More Mysteries Uncovered In The St. Louis Lemp Mansion

I have been researching not only the burial sites of the bodies but also the locations of all the old St. Louis contracts. These documents also tell us more about Adam Lemp’s wives, who founded the dynasty which transformed a small brewery on Levee into one of the largest brewing businesses in St. Louis (before Prohibition).

There are mountains of historical documentation about William J. Lemp. He is the son of Adam’s second spouse, Justina Baum. Justina Baum was left in Eschwege after her husband fled to St. Louis. The stepdaughters of Louise Bauer, the third wife, are well-documented. There is not much information about Johannette, a German-born daughter of Anna Clermont, the first wife. Unveiling the real Johannette Clermont, Anna Clermont’s first wife is revealed in a newly discovered contract.

Johannite would also move to America, marry Justus Brauneck, and have a child named Charles Brauneck. As I mentioned, Charles would make his way to St. Louis with the help of his grandfather Adam. He would marry Albertine Ernst. In 1870, both Charles and Albertine would die from the infection. Although I initially wrote that Albertine was buried in Calvary Cemetery’s unmarked grave in 2017, I am not so certain. A PostDispatch article from last fall showed that archdiocesan officials had removed thousands of gravestones unkempt graves during the 20th century. It is possible that Albertine Brauneck’s stone was also removed. There’s no way to know. However, I do know that her husband was denied burial rights and she was instead buried in an affordable grave costing $13.

A document that I discovered recently is the most shocking. It reveals how William J. Lemp purchased Charles Brauneck, his half-nephew in 1864. Adam Lemp had left 50 percent of the brewery’s ownership to Charles, and 50 percent to William. The two heirs took over the operation after Adam’s death on August 23, 1862. Probate records include a request for beer to be released from the cellars to make it available for sale before it goes bad. According to the new contract, Charles and William established a copartnership based on their inheritance from their grandfathers and fathers on October 25, 1862. There were indications that the partnership was not going to be equal at that time, but “William Lemp & Co” was chosen as the name.

According to the contract, William Lemp had completed his conquests of his father’s brewery. His half-nephew gave him $12,000 and $3,000 immediately. The contract signed on February 11, 1865, was the date that the partnership was disbanded. The $12,000 payment was to be made every year with $3,000 promissory notes. Charles was keen to be removed from the picture as soon as possible because he had already started construction on Cherokee Street in the previous year.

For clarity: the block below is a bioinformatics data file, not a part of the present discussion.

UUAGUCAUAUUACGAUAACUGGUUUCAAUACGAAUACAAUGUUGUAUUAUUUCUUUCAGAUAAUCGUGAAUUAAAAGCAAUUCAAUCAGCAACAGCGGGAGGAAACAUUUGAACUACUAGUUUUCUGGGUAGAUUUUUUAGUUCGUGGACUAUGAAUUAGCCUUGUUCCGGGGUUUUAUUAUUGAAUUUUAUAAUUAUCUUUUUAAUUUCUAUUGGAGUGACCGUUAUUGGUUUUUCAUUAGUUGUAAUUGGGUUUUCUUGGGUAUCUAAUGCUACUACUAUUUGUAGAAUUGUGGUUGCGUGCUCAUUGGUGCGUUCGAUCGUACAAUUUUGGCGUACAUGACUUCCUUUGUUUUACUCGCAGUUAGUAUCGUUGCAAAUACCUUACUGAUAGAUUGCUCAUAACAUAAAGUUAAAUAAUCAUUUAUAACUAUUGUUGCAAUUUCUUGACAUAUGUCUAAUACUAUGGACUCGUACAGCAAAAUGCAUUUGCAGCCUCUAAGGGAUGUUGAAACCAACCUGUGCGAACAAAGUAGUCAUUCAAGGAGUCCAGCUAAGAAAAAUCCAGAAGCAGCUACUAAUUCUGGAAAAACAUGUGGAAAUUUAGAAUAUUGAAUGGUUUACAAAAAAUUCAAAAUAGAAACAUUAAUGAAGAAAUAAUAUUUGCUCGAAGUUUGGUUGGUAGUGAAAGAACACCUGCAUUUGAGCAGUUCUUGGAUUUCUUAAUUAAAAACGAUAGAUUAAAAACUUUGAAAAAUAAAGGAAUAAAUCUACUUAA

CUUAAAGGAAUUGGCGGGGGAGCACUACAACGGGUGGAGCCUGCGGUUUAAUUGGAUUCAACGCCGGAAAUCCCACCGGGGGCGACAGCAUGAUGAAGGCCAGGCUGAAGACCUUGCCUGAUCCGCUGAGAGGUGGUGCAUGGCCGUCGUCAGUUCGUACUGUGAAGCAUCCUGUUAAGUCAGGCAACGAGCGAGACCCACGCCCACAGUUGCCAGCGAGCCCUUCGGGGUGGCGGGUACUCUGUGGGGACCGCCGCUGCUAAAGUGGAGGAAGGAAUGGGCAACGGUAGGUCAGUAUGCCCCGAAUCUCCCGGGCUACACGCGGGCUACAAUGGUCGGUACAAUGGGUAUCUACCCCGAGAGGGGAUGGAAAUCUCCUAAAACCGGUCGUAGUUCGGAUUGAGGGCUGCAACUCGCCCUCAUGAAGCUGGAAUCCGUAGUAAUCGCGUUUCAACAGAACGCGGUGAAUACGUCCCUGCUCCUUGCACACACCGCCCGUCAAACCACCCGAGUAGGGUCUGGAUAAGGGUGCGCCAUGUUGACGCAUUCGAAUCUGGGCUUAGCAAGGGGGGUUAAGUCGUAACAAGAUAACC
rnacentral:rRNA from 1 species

Charles would have earned $12,000 if he had kept his 50 percent stake. A lack of money may have contributed to his early death. Charles and Albertine were financially stable even though a successful brewery paid a worker about $1 per day. They had squandered their money through their deaths, as evident by their apparent lack of financial resources in 1870.

Six years after Charles Brauneck was bought out, William J. Lemp was making a lot of money for himself. The Lemp Brewery had $150,000 in the capital, 28 employees earning $28,000 per year, $196,650 worth of raw materials, and had produced 25,000 barrels worth of beer worth $250,000. According to the federal census, William owned $225,000 worth of real estate and $100,000 worth of personal property.

Personally, Charles Brauneck was sold for way too little.

Even worse, his existence was erased from history as books were written about the prominent members of St. Louis’s industry over the years. St. Louis: Future Great City of the World. Published in 1876. The biography of William states:

“In 1862, Adam Lemp died. The entire business was left to William J., who has overseen it since then to great success.”

“At the death of Adam Lemp in 1862, he took full control over the family business …”

The author continues the canard in 1892’s Pen, Sunlight Sketches, and St. Louis, the Commercial Gateway to the South.

“In 1862 Mr. Adam Lemp passed away, and the current proprietor [William J. Lemp] took over the entire interest.”

It is not clear why there has been such a cover-up of the existence of a former partner at the Lemp Brewery for only two years. Other famous St. Louis breweries have not had to admit that they have had other partners in the past. Anheuser-Busch for instance never hides that Adolphus Busch and Eberhard Anheuser were not the original owners of the Bavarian Brewery. The Griesediecks also never tried to hide the fact Falstaff was a Lemp trademark that they bought. While I understand William Lemp’s animus towards his father’s third spouse after he left his mother in Germany, it is not fair to hold grudges against his grandson. There may be more to the story, but at the moment, it is clearer that there isn’t. William J. Lemp seems a lot more brutal.

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